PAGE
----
Hesperia Planum Mystery
One of the supposedly best understood and least interesting landscapes on Mars is hiding something that could rewrite the planet’s history. Or not. In fact, about all that is certain is that decades of assumptions regarding the wide, flat Hesperia Planum are not holding up very well under renewed scrutiny with higher-resolution, more recent spacecraft data. Hesperia Planum is a broad lava plain in the southern highlands of the planet Mars. The plain is notable for its moderate number of impact craters and abundant wrinkle ridges. It is also the location of the ancient volcano Tyrrhena Mons (Tyrrhena Patera). The Hesperian time period on Mars is named after Hesperia Planum. The cause of of the mystery is whatcaused the numerous rilles: water or lava.
Hesperia Planum is generally interpreted to be composed of flood lavas, although layered volcaniclastic or lacustrine (lake-bed) sediments cannot be ruled out. The lavas appear to partly fill a large, irregular topographic depression that existed in Noachian times. The rims of pre-existing impact craters are still visible in places, indicating that the lava deposits are 250—500 meters in thickness. The volume of lavas within Hesperia Planum is comparable to that found in large igneous provinces on Earth, such as the Columbia River Basalt Group.
"There's a volcano in Hesperia Planum that not many people pay attention to because it's very small," Gregg said. "As I started looking closer at the broader region — I can't find any other volcanic vents, any flows. I just kept looking for evidence of lava flows. It's kind of frustrating. There is nothing like that in the Hesperia Planum."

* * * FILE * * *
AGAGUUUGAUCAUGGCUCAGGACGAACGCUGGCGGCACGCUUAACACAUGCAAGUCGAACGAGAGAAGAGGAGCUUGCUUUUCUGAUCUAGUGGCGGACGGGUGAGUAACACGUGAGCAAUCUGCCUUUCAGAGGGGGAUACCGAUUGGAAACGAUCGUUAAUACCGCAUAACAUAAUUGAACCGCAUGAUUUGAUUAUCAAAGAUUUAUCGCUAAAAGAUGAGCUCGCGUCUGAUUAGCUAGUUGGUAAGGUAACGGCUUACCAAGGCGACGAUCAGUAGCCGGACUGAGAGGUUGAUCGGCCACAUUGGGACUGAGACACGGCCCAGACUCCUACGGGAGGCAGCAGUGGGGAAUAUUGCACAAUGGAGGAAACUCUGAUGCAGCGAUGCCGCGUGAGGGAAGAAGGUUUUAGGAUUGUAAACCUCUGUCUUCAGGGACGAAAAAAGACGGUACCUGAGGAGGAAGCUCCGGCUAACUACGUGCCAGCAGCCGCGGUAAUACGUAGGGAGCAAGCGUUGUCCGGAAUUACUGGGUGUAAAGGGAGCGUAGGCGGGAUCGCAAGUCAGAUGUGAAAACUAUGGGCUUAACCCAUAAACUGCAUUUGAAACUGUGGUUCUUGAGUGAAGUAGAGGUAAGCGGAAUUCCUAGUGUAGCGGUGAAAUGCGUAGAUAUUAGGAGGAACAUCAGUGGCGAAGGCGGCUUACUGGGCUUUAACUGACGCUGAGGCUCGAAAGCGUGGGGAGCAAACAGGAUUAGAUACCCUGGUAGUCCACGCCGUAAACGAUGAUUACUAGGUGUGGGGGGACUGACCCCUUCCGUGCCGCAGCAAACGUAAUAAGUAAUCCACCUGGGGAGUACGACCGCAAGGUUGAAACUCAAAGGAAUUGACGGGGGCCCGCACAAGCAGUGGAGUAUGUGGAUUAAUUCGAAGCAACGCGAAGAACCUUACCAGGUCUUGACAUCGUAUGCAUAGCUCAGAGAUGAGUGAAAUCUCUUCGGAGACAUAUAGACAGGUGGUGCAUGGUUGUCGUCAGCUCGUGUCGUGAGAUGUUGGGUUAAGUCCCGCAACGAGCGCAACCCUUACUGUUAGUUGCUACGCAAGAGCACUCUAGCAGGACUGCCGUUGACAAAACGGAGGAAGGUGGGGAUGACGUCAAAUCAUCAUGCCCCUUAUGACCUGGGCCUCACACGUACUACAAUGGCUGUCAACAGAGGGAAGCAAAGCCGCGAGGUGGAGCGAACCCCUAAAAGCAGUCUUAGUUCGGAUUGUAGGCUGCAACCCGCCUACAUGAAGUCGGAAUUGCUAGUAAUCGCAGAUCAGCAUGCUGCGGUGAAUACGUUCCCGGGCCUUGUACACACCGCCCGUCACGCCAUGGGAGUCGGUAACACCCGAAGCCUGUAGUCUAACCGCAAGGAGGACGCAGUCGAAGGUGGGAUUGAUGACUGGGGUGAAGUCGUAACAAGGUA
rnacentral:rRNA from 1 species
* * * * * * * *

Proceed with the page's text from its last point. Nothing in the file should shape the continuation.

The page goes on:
"A likely cause of this trouble is the thick dust that blankets Hesperia Planum," she said. "It covers everywhere like a snowfall."
So she turned her attention to what could be discerned on Hesperia Planum: about a dozen narrow, sinuous channels, called rilles, just a few hundred meters wide and up to hundreds of kilometers long. These rilles have no obvious sources or destinations and it is not at all clear they are volcanic.
"The question I have is what made the channels,"; said Gregg. Was it water, lava, or something else? "There are some lavas that can be really, really runny. And both are liquids that run downhill." So either is a possibility.
To begin to sort the matter out, Gregg and Roberts are now looking for help on the Moon. Their preliminary findings will be presented Wednesday, 12 Oct., at the meeting of The Geological Society of America in Minneapolis.
"On the Moon we see these same kinds of features and we know that water couldn't have formed them there," Gregg said. So they are in the process of comparing channels on the Moon and Mars, using similar data sets from different spacecraft, to see if that sheds any light on the matter. She hopes to find evidence that will rule out water or lava on Hesperia Planum.
"Everybody assumed these were huge lava flows," said Gregg. "But if it turns out to be a lake deposit, it's a very different picture of what Mars was doing at that time." It would also make Hesperia Planum a good place to look for life, because water plus volcanic heat and minerals is widely believed to be a winning combination for getting life started.
"The volcanic part is an interpretation that's beginning to fall apart," said Gregg. "What is holding up is that the Hesperian marks a transition between the Noachian (a time of liquid water on the surface and the formation of lots of impact craters) and the Amazonian (a drier, colder Mars)."
For further in information: http://www.geosociety.org/news/pr/11-71.htm